Who knows? Cell phones that shoot video are miles ahead of the first Betamax, and in ten years they'll be considered dinosaurs, replaced by something we can't even comprehend. News may be delivered by virtual reality into viewer's living rooms. Or we may all have a Star Trek holodeck in our homes and be able to put ourselves in the location of a news event.

How do you prepare for all this? Well, as one of my first News Directors told me, "be versatile." Learn a little about a lot.

But beyond that, it is important to make sure your skills are marketable regardless of what direction the business takes.

Number one on your to-do list? Improve your writing skills. The Internet is a constantly hungry monster that devours copy at an alarming rate. The world will always need reporters, but we don't know what form that reporting will take. Regardless, the ability to write well and fast will be a marketable commodity.

Go back to school. Years ago I was offered a teaching job at a local University, only to find out the state in which it was located required a Masters Degree, something I didn't have. Despite years of experience, I could not be hired. My advice to you is to get the advanced degree. These days you can do it via the Internet. Doesn't matter if it takes you five years, just bear in mind there will always be people who want to be reporters, and there will always be a need for people to teach them. (Though personally, I don't think a Masters Degree makes anyone a better reporter.)

If you don't know how to edit, learn. Editing doesn't just apply to television news. If the industry crashes, people will still need producers, directors, writers and editors in other fields.

Build your nest egg. I know the concept of retirement is ridiculous to someone out of college, but even if you sock away one percent of your income into an IRA or 401k it will leave you with a cushion.

Stay out of the sun. High def is unforgiving, and since the trend is toward younger on camera people, you'll want to look young as long as possible. Sunbathing will only turn your face into a HDTV catchers mitt.

Start a Rolodex if you don't have one. Start networking now, with people both in and out of the business. It's a small world.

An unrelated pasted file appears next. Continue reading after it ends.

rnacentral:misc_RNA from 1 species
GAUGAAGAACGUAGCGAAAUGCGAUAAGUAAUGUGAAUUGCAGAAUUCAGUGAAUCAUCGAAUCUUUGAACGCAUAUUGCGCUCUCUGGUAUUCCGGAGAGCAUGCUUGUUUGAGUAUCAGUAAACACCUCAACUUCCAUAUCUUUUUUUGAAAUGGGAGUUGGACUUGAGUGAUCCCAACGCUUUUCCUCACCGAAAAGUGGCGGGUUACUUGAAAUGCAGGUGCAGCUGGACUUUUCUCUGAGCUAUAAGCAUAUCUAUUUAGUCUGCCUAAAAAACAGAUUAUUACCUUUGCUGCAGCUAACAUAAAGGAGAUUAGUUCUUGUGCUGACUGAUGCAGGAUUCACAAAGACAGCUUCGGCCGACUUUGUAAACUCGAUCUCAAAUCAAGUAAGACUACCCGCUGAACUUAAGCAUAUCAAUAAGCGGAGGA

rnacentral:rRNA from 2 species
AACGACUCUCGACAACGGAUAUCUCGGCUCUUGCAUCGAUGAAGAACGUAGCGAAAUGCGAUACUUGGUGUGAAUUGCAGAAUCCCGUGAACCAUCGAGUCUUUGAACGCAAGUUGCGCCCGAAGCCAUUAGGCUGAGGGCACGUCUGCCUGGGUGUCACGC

Learn about politics. Lots of former news people work for politicians, and despite the claims of hookers it truly is the world's oldest profession. And it gets bigger every year.

Those are just a few ideas. The point is to be prepared for what may come so that you'll always have marketable skills.

Thursday's story ideas

New study shows that drinking more water doesn't necessarily lead to better health.

States want to delay new Medicaid regulations. What would the new rules mean to the people in your market?

Shopping for scholarships. With the cost of college skyrocketing, how can parents look for help? And what about those people who make a living helping them do it?

Speaking of which, why is tuition going so high? They sure aren't passing those increases on to professors. Follow the money.

Homeland Security delays tamper proof driver's licenses till 2014. Exactly what takes so long in the computer age?

Seinfeld flips his car and walks out. Which cars are the safest in rollovers, and what about convertibles?

Paying down your mortgage. The stock market is rocky, banks aren't paying interest, so why not "make" six or seven percent by paying a little extra on your mortgage each month?

Wednesday, April 2, 2008

Wednesday's story ideas

Expiration dates. Plenty of close-out stores sell food past their dates... so what's really safe to eat. Considering that things like water and bread crumbs have expiration dates, what's the real story?